Walker Art Center

loading images
Embutidinho (Small Embedded), 2001
Courtesy Galeria Luisa Strina, São Paulo, Brazil

Marepe  b.1970  (Brazil)
lives and works in Santo Antônio De Jesus, Brazil

launch interview with Marepe

The work of Marepe (Marcos Reis Peixoto) resides in a conceptual border zone between the utilitarian and the poetic, where everyday objects from his environment in Bahia are transformed through artistic intervention. Living and working in this northeastern region of Brazil, an area economically less robust than the metropolitan centers of São Paulo and Rio de Janeiro, Marepe infuses his work with the area's culturally specific hybrid of African and European traditions. A sculptor by training, Marepe invokes in his methodology both the influence of Marcel Duchamp's readymade and the challenges to the barriers between art and life launched by the Brazilian Neo-concretists of the 1950s and 1960s. In Marepe's case, however, the transformative gesture of the Duchampian readymade takes on a social and poetic significance that calls into question the institutional status of the art object while simultaneously investing everyday objects with an almost spiritual power.

In keeping with this agenda, Marepe often humorously refers to his sculptures as necessaires, or necessities, rather than readymades, in order to emphasize their social origins. He brings forward the intimate connections of these objects to the subsistence economy of rural Brazil rather than to centers of industrialized production. The materials that he appropriates for these works include such items as commercially available ceramic water filters (a mainstay of life in rural Brazil), wash basins, street salesmen's suitcases, and trouxa (bundled packages) that are used as lunch boxes or to carry laundry. In Marepe's hands, these everyday objects undergo a transformation. In Cabeça Acústica (Acoustic Head) (1995), for example, the artist brings together two wash basins connected with hinges and a cooking pan to create a meditative isolation chamber for amplifying singing (an aspect of Brazilian cultural identity that is particularly strong in Bahia). In Os Filtros (1999), Marepe takes a common brand of ceramic water filters and elongates them so that they begin to seem strange. While this work addresses the lack of potable water in the Brazilian countryside, it also becomes a poetic metaphor for purification and personal cleansing as spectators drink the filtered water. Drawing on the legacy of an earlier generation of Brazilian artists, including Lygia Clark, Marepe emphasizes that he does not consider his works complete until they are used and acted upon by the public.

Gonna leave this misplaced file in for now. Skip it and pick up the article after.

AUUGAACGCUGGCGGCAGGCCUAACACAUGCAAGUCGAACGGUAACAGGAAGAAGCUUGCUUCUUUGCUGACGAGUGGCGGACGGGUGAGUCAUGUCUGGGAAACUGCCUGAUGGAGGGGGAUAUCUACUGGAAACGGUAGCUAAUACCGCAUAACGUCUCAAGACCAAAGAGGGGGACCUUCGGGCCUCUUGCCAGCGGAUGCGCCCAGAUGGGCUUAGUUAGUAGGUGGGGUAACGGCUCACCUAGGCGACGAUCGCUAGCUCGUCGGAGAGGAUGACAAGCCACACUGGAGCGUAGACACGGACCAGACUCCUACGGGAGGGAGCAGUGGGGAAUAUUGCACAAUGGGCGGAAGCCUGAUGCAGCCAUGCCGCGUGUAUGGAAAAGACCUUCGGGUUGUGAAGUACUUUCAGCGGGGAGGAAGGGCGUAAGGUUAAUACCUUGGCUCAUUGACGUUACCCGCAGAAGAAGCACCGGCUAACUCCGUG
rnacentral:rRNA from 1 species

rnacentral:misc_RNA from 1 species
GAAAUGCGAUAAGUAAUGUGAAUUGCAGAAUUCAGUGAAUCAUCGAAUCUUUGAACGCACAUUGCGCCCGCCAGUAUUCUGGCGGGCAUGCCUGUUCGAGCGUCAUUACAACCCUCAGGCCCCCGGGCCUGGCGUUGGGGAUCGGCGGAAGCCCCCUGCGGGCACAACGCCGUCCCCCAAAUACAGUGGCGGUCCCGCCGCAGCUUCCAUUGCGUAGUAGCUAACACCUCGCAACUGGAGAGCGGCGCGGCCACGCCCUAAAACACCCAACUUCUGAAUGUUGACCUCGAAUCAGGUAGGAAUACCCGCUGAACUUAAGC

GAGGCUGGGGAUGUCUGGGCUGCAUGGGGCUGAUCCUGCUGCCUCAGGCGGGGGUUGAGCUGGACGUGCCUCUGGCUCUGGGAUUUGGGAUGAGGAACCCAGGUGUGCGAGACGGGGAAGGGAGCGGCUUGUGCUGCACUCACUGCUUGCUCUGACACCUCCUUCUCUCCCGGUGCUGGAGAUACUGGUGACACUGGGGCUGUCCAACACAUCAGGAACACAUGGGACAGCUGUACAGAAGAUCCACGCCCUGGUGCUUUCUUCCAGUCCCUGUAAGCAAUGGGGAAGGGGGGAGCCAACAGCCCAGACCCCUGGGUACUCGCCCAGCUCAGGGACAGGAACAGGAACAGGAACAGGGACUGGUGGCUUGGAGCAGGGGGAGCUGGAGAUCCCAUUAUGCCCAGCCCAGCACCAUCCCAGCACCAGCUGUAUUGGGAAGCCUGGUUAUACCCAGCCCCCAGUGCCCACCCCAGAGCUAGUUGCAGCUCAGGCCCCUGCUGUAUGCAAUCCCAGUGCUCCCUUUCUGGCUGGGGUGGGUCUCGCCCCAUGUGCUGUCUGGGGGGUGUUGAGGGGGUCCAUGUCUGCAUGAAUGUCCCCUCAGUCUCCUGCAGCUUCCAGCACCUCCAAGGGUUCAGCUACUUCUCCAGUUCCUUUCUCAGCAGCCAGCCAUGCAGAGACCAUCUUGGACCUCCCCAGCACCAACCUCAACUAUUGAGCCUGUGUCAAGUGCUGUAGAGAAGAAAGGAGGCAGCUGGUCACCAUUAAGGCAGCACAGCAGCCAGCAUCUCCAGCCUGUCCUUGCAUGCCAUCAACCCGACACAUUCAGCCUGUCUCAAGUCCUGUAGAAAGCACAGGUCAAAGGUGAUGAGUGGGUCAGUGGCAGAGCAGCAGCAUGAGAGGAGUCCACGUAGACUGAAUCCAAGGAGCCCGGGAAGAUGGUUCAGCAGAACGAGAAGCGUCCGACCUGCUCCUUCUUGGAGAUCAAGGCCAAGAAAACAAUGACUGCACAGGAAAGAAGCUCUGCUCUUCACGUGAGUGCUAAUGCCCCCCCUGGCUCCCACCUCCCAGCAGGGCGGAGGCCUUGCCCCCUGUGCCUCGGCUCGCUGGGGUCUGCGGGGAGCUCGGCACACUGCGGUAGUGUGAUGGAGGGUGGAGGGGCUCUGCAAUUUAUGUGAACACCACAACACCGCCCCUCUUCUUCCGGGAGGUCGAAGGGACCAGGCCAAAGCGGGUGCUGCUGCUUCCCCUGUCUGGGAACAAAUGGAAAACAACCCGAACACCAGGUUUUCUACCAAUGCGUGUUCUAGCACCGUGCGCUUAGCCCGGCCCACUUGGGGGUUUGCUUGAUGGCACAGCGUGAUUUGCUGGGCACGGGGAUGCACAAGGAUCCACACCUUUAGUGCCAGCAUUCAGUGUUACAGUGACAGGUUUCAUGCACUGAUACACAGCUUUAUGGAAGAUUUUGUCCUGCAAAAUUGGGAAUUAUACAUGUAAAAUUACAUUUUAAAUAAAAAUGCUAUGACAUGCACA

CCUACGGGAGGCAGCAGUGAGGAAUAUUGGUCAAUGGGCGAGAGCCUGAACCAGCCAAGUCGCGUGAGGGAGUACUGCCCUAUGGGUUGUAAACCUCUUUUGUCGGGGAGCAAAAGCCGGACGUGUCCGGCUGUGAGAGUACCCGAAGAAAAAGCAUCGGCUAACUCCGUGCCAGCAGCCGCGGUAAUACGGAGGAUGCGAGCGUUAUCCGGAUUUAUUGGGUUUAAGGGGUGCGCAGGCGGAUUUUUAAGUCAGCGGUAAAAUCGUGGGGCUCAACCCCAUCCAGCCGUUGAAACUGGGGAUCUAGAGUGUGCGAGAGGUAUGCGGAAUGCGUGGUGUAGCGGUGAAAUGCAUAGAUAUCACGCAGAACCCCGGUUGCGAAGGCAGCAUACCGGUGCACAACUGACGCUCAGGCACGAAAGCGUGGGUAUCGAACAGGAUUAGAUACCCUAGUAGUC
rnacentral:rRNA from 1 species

Marepe has been the subject of solo exhibitions at Galeria Luisa Strina, São Paulo, Brazil (2002), and Galeria Acbeu, Salvador, Brazil (1995). His work has also been included in a number of group exhibitions, including the XXV Bienal de São Paulo (2002); The Thread Unraveled at Museo del Barrio, New York, New York (2001); and the Museo Nacional Centro de Arte Reina Sofía, Madrid, Spain (2000).

--Douglas Fogle

Gowda works with traditional materials and traditional skills identified with female labor. In doing so, she produces a work that not only comments on a specific Indian cultural situation but also implies a critical stance toward art history, aesthetics, and the perception and production of artworks.
Focusing on the specificity of places and the singularity of artists and their practices, How Latitudes Become Forms disrupts the idea of curatorial practice as tourism, cultural shopping, or the researching of token artists for geopolitical purposes.
A form of cultural practice that is located at the intersection of many networks finds itself placed simultaneously in different maps of the world. We think that this should be considered the general condition of the information arts and new-media practices.